Has anything bizarre happened at the Super Bowl? Sure, maybe not as much as one might think, but there have been moments that generated some water cooler conversation on Not-So-Super Monday.
There was the whole Justin Timberlake-Janet Jackson thing (you remember it). There was also the time at the conclusion of Super Bowl VII when Don Shula got his watch stolen by a fan as he was being lifted onto the shoulders of his players and had to chase down the culprit, but that was trumped by something even more bizarre that had happened minutes before it.
There’s nothing bizarre about the odds on this year’s Big Game, where the Los Angeles Rams are favored over the Cincinnati Bengals:.
SUPER BOWL LVI
Cincinnati Bengals (13-7 SU & ATS) at Los Angeles Rams (15-5 SU, 10-10 ATS)
Live at SoFi Stadium — Inglewood, CA
Sunday, February 13 — 6:30 PM ET
Super Bowl Betting Odds at BetOnline
Los Angeles Rams -4
Cincinnati Bengals +4
Over 48.5 Points -110
Under 48.5 Points -110
As for that which IS bizarre, these are a few of my choices, and I’ll stand by them:
(1) GARO’S GIVEAWAY
— In Super Bowl VII, the Miami Dolphins were on their way to pitching the first shutout in Super Bowl history, when, with a little more than two minutes to go, they lined up for a 42-year field goal. Washington’s Bill Brundige broke through and blocked the attempt, then Dolphin kicker Garo Yepremian picked the ball up, tried to throw it in vain, and tipped it straight into the air, where Mike Bass of the Redskins caught it and ran it all the way into the end zone, making the score 14-7. Not only did Yepremian blow the shutout, he also flubbed at an attempt to make it 17-0, which would have gone very nicely with a 17-0 record. Former Dolphin players are angry with him to this day.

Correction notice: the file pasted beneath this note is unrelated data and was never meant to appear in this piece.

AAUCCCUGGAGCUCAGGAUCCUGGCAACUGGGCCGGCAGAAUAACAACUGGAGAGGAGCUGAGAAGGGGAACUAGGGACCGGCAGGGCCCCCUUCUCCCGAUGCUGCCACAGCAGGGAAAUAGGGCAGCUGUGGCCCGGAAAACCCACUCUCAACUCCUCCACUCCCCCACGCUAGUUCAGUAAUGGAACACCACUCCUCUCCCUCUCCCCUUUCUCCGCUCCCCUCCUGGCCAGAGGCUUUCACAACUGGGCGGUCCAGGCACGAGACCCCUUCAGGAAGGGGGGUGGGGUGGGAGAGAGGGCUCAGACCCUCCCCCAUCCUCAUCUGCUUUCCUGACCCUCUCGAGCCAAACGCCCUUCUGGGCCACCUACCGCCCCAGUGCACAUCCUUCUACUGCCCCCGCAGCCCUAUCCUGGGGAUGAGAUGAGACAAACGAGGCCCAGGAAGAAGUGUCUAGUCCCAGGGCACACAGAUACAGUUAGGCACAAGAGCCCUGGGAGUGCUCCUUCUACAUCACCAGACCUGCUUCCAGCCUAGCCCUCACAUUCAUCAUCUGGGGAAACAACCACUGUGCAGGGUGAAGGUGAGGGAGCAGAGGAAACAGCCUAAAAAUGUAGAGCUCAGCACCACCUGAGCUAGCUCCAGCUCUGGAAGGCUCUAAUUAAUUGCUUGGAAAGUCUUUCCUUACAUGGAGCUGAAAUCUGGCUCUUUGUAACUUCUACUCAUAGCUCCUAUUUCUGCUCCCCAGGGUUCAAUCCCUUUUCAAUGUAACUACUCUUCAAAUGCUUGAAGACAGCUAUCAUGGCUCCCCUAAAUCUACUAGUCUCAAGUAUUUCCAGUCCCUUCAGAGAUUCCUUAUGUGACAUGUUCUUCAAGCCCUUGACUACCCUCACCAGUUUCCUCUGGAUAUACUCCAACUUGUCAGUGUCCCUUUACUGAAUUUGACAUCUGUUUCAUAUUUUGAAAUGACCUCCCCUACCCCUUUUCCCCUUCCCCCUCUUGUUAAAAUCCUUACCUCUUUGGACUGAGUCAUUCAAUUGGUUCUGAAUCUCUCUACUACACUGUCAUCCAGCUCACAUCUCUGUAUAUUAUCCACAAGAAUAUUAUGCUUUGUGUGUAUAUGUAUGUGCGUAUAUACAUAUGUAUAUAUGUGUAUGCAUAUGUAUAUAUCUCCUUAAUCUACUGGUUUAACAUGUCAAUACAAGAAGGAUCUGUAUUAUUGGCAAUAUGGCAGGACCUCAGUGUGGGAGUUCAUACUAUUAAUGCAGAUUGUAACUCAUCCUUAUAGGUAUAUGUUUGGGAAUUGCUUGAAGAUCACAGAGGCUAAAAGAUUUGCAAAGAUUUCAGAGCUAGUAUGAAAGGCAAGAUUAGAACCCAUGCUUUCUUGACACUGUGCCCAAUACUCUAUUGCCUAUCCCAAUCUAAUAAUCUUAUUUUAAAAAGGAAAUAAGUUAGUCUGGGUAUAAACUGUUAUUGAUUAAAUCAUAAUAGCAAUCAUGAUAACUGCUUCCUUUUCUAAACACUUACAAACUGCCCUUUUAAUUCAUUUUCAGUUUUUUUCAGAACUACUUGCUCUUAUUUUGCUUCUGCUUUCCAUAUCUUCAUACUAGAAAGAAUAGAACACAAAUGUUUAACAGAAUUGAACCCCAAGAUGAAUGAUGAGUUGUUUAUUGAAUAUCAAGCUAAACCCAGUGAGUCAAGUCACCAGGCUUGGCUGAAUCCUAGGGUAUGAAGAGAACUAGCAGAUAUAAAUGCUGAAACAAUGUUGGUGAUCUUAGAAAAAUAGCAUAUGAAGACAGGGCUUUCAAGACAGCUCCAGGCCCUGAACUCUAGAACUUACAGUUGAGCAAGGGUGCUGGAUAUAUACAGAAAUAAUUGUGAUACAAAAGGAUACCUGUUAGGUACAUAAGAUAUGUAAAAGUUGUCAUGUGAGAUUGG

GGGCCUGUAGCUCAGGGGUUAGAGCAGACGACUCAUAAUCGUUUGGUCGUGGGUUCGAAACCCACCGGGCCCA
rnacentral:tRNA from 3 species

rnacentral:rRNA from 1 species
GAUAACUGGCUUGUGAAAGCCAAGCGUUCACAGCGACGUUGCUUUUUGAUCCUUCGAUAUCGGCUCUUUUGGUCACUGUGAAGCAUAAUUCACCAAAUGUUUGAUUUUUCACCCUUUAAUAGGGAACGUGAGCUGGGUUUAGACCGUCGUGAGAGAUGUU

(2) THE MORRALL OF THE STORY
— Much of the time, the bizarre episode can also be a game-changer. In the second quarter of Super Bowl III, when Earl Morrall handed off to Tom Matte and took a lateral back across the field, those who followed the Baltimore Colts that year had visions of what the offense had pulled off earlier in the season against Atlanta on a “flea flicker” play – something very rarely seen in the NFL at the time – that went for a touchdown to a wide-open Jimmie Orr. Against the Jets, when they sent that play into motion, Orr was wide open once again, but unbelievably, Morrall did not see him, throwing a shorter pass instead in the direction of Jerry Hill, missing his mark and falling into the hands of Jets safety Jim Hudson to end the first half, one of five Baltimore turnovers and killing yet another drive in a game where the mighty NFL champions didn’t manage a TD until the fourth quarter.
(3) DON’T LET LETT GO
— Few things were as bizarre as the scene where Dallas Cowboy defensive tackle Leon Lett scooped up a fumble late in Super Bowl XXVII and bolted toward the end zone, ready to rub salt in the wounds of the beleaguered Buffalo Bills, who had already fumbled and stumbled their way to a 52-17 deficit. As Lett, who later confessed to watching himself on the Jumbotron, held the ball out and started to celebrate well before crossing the goal line, what he didn’t realize was that there was a prideful Bills receiver who had had enough of the showboating. Don Beebe ran Lett down and knocked the ball out of his hands and through the end zone, snatching some dignity from defeat and becoming something of a hero to fans in Western New York and everywhere in the country.
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